A List Apart has an interesting article on how to use CSS to make online maps more accessible to visually impaired people. What I find most interesting is that A List Apart, being a web centric development site, applies web ideas to maps. It seems to me that much of what they are attempting to do could be done less complicatedly if a little more GIS functionality entered into some of these APIs. This type of article is what happens when so many different people from some many different backgrounds attempt to define data spatially. It isn’t necessarily a bad thing, since more ideas and more eyes can only make geospatial technologies that much more robust.
The folks over at TechCrunch have put together a pretty good comparison of the various mapping services out there today. It’s a pretty quick rundown, but I think the chart sums up the features nicely. It should be interesting to see what (if anything) changes when a more GIS-centric organization like ESRI enters into the fray full steam.
Sorry for the excessive alliteration there, but it sums up this article quite nicely, I think. It appears that the infrastructure that surrounds car ownership does more than generate excessive amounts of smog. Carports, garages, overpasses and the like could pose a significant risk to California residents should a massive earthquake like San Francisco’s 1906 quake strike. I think we’ve all seen the historic footage of the Golden Gate Bridge shaking like a polaroid picture. Imagine that happening anywhere around the state and you can see the concern!
Warning: Image slightly risque! Maxim Magazine has created a 75-by-110-foot billboard to celebrate its 100th issue. It features a cover image of Eva Longoria rather scantily dressed. What is interesting about this is the efforts the magazine took to produce the advertising. Is this the rather racy start to a general trend in Web 2.0 work?
This is rather off the beat and path from our normal news, but I thought it was interesting given the National Geographic Society’s involvement. Apparently a National Geographic Society expedition has discovered a leather wrapped papyrus manuscript written in Greek in Egypt. This manuscript featuring what is believed to be the gospel according to Judas is considered to be the “most significant ancient, nonbiblical text to be found in the past 60 years.”
Via the New York Times
This is kind of off the beat from normal geography stuff, but this guy in France who is 28 and is autistic has created a detailed city named Urville from his imagination. He has a detailed geography, culture, politics, history, and economics for the city, as well as a few hundred drawings of the city! That’s pretty impressive, if you ask me!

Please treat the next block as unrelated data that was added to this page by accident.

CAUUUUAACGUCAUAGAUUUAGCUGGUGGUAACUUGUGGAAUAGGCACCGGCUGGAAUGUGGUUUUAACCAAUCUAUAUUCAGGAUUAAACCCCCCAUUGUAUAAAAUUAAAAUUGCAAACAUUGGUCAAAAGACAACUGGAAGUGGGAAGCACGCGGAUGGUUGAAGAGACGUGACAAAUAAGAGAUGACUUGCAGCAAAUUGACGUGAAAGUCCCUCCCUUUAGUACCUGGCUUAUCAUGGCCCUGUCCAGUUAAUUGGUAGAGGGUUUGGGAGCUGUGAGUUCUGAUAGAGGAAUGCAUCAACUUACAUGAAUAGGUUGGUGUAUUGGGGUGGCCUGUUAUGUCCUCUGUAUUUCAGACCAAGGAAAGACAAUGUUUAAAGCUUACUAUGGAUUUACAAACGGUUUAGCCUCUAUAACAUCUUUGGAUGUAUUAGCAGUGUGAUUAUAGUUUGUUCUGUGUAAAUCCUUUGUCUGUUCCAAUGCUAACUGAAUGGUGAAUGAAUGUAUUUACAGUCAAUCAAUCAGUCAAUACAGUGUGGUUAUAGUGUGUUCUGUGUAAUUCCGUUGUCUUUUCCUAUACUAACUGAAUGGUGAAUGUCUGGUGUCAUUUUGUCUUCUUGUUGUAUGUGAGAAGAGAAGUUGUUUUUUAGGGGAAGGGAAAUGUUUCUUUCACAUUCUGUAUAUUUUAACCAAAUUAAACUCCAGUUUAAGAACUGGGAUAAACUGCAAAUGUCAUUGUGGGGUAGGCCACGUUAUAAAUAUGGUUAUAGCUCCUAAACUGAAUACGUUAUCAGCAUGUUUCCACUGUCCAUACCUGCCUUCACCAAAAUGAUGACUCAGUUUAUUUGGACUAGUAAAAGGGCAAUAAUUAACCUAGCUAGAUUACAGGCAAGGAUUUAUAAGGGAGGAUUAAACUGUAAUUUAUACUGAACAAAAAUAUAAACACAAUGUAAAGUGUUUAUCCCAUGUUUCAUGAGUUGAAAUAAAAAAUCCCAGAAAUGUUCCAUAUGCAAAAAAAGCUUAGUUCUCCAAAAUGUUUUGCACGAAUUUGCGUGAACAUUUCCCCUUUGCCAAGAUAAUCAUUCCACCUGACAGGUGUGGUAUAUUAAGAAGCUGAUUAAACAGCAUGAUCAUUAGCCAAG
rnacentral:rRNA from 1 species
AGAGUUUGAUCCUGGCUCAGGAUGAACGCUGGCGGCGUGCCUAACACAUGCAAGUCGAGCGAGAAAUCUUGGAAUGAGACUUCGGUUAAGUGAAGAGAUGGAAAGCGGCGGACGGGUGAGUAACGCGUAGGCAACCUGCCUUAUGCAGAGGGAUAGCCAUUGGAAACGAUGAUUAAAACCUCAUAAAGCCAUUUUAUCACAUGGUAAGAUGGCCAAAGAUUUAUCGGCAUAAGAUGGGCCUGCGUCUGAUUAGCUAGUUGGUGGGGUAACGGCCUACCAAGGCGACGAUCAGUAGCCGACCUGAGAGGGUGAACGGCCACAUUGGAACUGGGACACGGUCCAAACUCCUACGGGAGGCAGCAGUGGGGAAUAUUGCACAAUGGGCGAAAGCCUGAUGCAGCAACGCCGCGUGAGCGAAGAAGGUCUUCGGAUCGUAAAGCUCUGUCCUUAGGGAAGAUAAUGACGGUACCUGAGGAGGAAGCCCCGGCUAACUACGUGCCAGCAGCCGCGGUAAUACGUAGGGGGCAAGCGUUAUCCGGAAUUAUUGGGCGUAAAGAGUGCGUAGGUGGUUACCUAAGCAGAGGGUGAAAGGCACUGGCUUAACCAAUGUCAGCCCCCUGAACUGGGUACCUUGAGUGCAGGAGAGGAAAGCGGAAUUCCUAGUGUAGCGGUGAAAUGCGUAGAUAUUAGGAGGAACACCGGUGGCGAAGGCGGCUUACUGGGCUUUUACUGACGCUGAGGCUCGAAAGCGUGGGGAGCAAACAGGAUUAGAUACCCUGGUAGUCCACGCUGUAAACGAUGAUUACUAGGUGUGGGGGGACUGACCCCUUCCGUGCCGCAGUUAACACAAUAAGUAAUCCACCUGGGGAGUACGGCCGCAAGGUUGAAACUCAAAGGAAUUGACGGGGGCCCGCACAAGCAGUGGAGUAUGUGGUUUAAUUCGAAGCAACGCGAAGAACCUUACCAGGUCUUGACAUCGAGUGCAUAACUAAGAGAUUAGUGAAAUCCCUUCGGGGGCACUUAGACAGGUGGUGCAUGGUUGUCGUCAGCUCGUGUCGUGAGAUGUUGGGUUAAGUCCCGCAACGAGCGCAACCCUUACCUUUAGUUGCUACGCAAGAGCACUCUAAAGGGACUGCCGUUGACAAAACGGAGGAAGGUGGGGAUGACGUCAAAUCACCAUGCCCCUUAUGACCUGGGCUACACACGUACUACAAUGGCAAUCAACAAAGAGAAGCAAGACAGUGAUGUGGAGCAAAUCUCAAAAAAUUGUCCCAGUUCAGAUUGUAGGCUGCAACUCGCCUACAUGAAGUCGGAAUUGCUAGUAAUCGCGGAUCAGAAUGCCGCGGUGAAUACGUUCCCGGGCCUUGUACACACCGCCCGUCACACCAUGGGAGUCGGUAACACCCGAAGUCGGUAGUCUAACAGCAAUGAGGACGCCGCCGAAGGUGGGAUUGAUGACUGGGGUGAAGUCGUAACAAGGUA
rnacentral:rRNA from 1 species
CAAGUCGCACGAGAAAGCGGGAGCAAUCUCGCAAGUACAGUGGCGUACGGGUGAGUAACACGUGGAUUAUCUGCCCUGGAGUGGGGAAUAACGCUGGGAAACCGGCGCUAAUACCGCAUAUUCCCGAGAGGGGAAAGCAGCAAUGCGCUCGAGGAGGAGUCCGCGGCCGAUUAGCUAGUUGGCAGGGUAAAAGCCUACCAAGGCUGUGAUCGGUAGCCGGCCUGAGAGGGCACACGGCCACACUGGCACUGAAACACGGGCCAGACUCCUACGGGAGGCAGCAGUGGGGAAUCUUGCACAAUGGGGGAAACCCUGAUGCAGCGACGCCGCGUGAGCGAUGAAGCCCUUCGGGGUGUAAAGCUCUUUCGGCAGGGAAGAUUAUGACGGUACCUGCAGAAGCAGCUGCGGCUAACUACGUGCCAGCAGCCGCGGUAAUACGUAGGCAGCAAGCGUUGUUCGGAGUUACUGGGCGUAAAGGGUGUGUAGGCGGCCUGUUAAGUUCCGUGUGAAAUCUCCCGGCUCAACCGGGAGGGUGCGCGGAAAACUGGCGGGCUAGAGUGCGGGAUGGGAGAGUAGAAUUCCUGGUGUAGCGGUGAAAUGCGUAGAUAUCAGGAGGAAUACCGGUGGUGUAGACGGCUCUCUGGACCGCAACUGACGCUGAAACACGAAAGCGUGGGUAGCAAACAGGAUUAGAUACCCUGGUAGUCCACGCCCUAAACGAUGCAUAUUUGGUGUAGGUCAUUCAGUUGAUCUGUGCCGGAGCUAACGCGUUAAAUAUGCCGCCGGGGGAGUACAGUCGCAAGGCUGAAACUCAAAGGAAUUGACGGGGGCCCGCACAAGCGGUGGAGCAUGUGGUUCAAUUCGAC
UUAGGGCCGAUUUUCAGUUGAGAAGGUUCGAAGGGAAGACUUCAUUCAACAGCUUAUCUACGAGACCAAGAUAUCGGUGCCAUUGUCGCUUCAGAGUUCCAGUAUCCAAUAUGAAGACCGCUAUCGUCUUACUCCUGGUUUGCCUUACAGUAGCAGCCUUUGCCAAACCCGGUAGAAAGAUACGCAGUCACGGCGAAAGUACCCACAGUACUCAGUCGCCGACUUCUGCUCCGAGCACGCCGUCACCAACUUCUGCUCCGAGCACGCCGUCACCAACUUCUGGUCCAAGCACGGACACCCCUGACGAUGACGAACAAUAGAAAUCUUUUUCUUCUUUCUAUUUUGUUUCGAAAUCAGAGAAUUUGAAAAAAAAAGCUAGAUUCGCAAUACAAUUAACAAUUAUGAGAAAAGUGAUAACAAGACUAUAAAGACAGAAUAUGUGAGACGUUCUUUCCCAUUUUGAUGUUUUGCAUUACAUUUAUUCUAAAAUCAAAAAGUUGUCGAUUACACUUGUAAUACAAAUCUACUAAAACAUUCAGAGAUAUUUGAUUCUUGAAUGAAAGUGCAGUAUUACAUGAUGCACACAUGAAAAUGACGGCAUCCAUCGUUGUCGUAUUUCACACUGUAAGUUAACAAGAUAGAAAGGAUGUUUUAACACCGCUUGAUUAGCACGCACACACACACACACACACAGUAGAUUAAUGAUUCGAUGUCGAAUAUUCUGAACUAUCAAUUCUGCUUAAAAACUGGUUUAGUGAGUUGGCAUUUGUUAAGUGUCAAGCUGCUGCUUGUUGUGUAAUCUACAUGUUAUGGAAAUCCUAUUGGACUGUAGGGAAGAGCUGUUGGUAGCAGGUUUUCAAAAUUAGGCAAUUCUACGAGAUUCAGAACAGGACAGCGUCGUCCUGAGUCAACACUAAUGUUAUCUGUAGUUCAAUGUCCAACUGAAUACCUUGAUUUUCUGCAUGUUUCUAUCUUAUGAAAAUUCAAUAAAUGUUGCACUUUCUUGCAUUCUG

No, not the celestial type… movie stars! You can track movie stars in near real-time via a Google Map. While on the surface this might appear to be a normal Frank Fluff piece, in reality this is a rather grave development. It brings to the forefront the idea that people’s movements can be tracked an analyzed in real time for the whole world to see. That’s a little bit of a chilling notion, I believe. Although star gossip is a multimillion dollar business, I think it’s rather intrusive to have their every movement documented for general consumption. If Dame Judi Dench wants to pop by her local comic book store and pick-up the latest supplement for Dungeons & Dragons, what business is it of anyone else…
Way cool for space nuts out there like me…. Google Mars!Ã‚Â It’s just like Google Local, except with data from Mars.Ã‚Â There’s a nice elevation dataset and some interesting visible data as well.Ã‚Â Of course you can’t search for pizza joints in the area, but hey, it’s a step in the right direction!
Geographic names databases are pretty important for search spatial data textually. Normally geographic names are published on a country by country basis. Cartography is reporting about this new service Geonames.org that collects the published geographic names of countries around the world and displays them on a googlemap. The data looks to be fairly up to date for the US at the least.
Ogle Earth has an interesting little piece on a project called OBIS-SEAMAP. This project tracks marine mammal, seabird and sea turtle data around the world. The really intersting thing about the site is that they make the exact same data they use available to the general public for download. The more expert GIS users can download an ESRI Shapefile while the general public can download a KML file for use in Google Earth. As Ogle Earth points out, this is a great model for getting the public in general and younger students specifically interested in science and scientific ideas.
I know I would have thought it was the coolest thing in the world when I was in school to be able to track and analyize data in the exact same way as leading scientists in the field. Who am I kidding? I
still think it’s the coolest thing in the world!